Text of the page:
This city is full of young people, with all that means. But Keith Douglas (Merton, 1938) said it better than me, in a poem that's a joy in itself:
At home as in no other city, here
summer holds her breath in a dark street
the trees nocturnally scented, lovers like moths
go by silently on the footpaths
and spirits of the young wait,
cannot be expelled, multiply each year.
In the meadows, walks, over the walls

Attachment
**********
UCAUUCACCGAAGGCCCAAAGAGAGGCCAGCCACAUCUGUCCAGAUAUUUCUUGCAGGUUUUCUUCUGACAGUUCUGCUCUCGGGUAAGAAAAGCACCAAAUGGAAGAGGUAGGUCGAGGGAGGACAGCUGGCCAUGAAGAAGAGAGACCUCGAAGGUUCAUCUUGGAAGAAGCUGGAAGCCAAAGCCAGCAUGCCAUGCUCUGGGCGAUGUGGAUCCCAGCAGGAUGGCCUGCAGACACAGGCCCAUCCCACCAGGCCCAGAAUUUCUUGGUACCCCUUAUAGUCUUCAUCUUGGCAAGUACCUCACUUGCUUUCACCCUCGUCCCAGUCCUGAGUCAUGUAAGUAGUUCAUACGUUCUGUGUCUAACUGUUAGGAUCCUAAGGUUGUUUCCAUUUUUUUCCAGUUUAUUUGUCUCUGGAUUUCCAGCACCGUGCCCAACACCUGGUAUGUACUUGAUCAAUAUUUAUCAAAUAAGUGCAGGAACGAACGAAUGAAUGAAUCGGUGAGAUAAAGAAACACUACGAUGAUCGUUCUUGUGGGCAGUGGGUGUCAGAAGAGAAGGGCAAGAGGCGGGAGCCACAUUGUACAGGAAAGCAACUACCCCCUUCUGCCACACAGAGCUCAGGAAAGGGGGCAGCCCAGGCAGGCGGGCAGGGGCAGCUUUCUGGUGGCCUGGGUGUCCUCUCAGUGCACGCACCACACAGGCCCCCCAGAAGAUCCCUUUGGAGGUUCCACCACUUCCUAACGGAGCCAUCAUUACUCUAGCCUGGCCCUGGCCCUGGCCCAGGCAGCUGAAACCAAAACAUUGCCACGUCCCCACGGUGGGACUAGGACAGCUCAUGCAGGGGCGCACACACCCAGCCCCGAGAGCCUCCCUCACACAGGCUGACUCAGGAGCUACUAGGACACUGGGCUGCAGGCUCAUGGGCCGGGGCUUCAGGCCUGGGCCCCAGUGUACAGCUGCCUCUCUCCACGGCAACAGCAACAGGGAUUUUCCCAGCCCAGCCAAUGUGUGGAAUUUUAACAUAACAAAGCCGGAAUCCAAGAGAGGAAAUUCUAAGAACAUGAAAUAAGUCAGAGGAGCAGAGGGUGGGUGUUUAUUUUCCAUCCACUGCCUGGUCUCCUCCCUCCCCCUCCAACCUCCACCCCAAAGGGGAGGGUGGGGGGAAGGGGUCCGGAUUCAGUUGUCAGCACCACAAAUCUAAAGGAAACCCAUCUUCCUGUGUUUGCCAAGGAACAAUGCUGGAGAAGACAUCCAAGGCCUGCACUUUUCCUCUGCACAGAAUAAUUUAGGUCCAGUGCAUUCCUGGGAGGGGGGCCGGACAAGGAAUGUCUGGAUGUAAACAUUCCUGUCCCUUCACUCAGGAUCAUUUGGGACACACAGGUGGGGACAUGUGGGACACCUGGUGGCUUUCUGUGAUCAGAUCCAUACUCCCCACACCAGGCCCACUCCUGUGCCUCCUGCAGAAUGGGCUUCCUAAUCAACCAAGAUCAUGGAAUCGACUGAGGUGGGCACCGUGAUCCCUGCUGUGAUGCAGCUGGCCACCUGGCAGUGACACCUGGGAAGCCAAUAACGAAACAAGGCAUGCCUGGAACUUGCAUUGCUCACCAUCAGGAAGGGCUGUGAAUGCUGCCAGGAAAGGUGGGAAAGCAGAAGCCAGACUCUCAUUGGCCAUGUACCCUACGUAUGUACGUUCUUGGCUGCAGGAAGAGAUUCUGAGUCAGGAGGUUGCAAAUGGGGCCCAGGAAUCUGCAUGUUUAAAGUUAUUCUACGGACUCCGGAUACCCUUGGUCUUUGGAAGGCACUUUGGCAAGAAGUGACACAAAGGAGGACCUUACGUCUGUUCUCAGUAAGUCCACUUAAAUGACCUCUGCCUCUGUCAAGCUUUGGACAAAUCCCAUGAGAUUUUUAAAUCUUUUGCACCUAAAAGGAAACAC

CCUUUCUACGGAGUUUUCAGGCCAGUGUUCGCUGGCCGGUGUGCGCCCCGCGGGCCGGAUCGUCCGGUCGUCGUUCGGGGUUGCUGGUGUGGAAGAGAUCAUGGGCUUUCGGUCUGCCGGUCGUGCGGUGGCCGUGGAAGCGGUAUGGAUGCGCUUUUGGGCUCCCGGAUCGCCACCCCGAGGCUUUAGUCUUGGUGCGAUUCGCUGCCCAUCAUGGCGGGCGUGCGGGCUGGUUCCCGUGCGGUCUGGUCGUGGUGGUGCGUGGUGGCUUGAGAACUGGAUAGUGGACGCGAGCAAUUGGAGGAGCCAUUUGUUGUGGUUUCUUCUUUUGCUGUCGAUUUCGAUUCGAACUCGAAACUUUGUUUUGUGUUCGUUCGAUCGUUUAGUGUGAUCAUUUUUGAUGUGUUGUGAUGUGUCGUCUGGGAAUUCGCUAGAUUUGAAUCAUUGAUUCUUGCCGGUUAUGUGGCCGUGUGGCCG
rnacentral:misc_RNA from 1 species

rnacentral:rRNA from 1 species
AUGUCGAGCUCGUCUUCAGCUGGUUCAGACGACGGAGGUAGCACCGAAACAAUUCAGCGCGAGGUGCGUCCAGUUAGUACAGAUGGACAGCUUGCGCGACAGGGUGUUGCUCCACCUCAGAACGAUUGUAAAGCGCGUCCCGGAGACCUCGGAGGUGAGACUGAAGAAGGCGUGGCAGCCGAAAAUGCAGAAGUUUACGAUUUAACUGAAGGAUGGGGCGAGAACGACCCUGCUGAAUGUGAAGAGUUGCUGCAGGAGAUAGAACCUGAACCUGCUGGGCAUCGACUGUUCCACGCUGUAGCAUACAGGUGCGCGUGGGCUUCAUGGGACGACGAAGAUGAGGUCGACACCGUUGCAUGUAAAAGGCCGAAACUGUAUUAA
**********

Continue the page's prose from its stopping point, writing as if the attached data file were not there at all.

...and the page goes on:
the sunlight, far-travelled, tired and content,
warms the recollections of old men, touching
the hand of the scholar on his book, marching
through quadrangles and arches, at last spent
it leans through the stained windows and falls.
This then is the city of young men, of beginning,
ideas, trials, pardonable follies,
the lightness, seriousness and sorrow of youth.
And the city of the old, looking for truth,
browsing for years, the mind's seven bellies
filled, become legendary figures, seeming
stones of the city, her venerable towers;
dignified, clothed by erudition and time.
For them it is not a city but an existence;
outside which everything is a pretence:
within, the leisurely immortals dream,
venerated and spared by the ominous hours.